Monday, December 14, 2009

Taking A Break

Recently I dreamed that I stepped into an elevator with a large group of people.  The down arrow was pushed and we quickly descended underground.  Every few seconds more people got on and large rocks were also placed on the elevator.  I began to get nervous that the weight would cause the elevator to crash. The others assured me that we would be safe.  I thought to myself, if I get through this, I will have had an interesting experience to blog about.  You know that when your blog invades your dreams, its time to take a break.  Therefore, for the next month I will not only not post articles, I won't even give this blog any thought.  If you post a comment during that time it will be the middle of January before it will be published.  In mid January I will begin work on the new articles mentioned in my 12/8 post and in February I'll resume posting.  Another motivation for this plan of inaction is to give my eyes a rest from computer keyboards.  Also I want to spend time working on my audio blog.  I will be participating in my church's program of reading the entire Bible in 90 days starting on 1/1.  My progress will be recorded on my pastoral studies blog.  Blessings.  May all those who read this see God work in your lives and in your unsaved loved ones this coming year.

Thursday, December 10, 2009

Friday Night Frozen Dinner And An Intellectual: "The State In The New Testament" by Oscar Cullmann

One good thing you can say about the late Dr. Oscar Cullmann is that he is one major twentieth scholar who did not believe what was written in the New Testament was the result of generations of rewrites.  At least that is what I gather from Cullmann's "The State In the New Testament", which occupied my last two Friday evenings.  In this work he speaks of Matthew, Mark, Luke and John as actual authors.  His views of the relationship between Christians and the state are quite helpful.  The problem with Cullmann is that his actual Biblical exegesis is simply off the wall.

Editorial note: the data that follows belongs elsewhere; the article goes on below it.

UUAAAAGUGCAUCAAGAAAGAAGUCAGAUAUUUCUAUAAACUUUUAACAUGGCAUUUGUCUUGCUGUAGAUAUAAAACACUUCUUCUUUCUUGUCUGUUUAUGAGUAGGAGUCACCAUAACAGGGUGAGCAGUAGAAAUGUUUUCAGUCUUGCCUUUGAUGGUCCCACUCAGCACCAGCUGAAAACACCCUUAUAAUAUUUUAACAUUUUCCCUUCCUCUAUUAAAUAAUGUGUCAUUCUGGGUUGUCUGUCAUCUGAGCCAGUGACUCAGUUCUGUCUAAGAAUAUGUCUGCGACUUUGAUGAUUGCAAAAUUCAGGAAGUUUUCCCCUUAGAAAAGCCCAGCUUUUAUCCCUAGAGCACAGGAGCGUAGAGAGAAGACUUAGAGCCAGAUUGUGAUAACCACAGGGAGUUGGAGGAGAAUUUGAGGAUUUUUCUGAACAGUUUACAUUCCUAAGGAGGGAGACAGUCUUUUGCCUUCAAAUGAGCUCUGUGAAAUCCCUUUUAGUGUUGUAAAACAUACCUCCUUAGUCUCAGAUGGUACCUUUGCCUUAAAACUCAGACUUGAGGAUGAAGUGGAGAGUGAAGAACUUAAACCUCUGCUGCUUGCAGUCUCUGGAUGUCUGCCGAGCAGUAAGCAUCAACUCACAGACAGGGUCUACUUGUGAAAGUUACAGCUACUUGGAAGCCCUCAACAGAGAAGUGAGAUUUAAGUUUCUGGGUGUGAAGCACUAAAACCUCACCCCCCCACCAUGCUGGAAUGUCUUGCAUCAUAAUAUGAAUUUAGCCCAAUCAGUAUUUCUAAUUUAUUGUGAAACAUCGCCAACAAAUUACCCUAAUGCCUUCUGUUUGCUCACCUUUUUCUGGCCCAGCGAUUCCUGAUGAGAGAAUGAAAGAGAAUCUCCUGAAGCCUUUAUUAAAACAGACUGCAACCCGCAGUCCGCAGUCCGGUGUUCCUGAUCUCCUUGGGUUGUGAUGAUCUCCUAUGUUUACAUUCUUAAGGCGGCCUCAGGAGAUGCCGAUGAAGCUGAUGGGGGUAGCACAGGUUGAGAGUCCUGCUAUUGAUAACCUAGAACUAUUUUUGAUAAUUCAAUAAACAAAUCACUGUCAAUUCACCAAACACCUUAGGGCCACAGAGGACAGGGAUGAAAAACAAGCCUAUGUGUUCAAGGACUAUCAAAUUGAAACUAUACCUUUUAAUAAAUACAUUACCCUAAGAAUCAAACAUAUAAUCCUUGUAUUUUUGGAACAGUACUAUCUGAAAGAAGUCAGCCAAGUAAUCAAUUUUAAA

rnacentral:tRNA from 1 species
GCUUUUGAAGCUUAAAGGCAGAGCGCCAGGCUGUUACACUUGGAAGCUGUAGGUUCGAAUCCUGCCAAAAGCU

Cullmann's views of what Scripture teaches concerning the Church/state relationship makes good reading.  He maintains that the correct relationship between the two is a matter of eschatology.  The state is to be considered a provisional institution which is necessary until the return of Christ.  As Christ taught concerning paying taxes to Caesar, the state can expect from all citizen's, Christian and otherwise, all the support it finds necessary to carry out its proper functions.  Cullmann points to Rom.13 to point out that the state has no religious function; its role is one of retribution for those who do wrong.  Paul points out in this passage that the state is capable of judging between good and bad conduct.  As the state engages in its proper role, the Church is to publicly support it.  Cullmann points out that Paul instructed Timothy to uplift secular leaders in prayer (ITim. 2:1-2).  This instruction was written during Nero's persecution of the Church and was binding even during those circumstances.  Yet Cullmann criticizes the traditional Protestant interpretation of this verse as the controlling verse on this issue.  Many Christians have read Rom. 13 as commanding that Christians obey the state in all things without question. Yes, Peter and Paul urged Christians to obey their rulers, yet both were executed for refusing to acknowledge Caesar as God. Cullmann believes that the beast from the abyss in Rev. 13 was the state exceeding its proper role and trying to take God's place.  He goes on to say that this is the most tangible embodiment of satanic power.  Cullman also points to ICor 6:1 to say that while we must support the state, we should not allow our affairs to get tangled up with it.  Cullmann is helpful in pointing out the dangers of using just one verse to fashion a theological position. "The fountainhead of all false biblical interpretation and of all heresy is invariably the isolation and the absolutising of one single passage."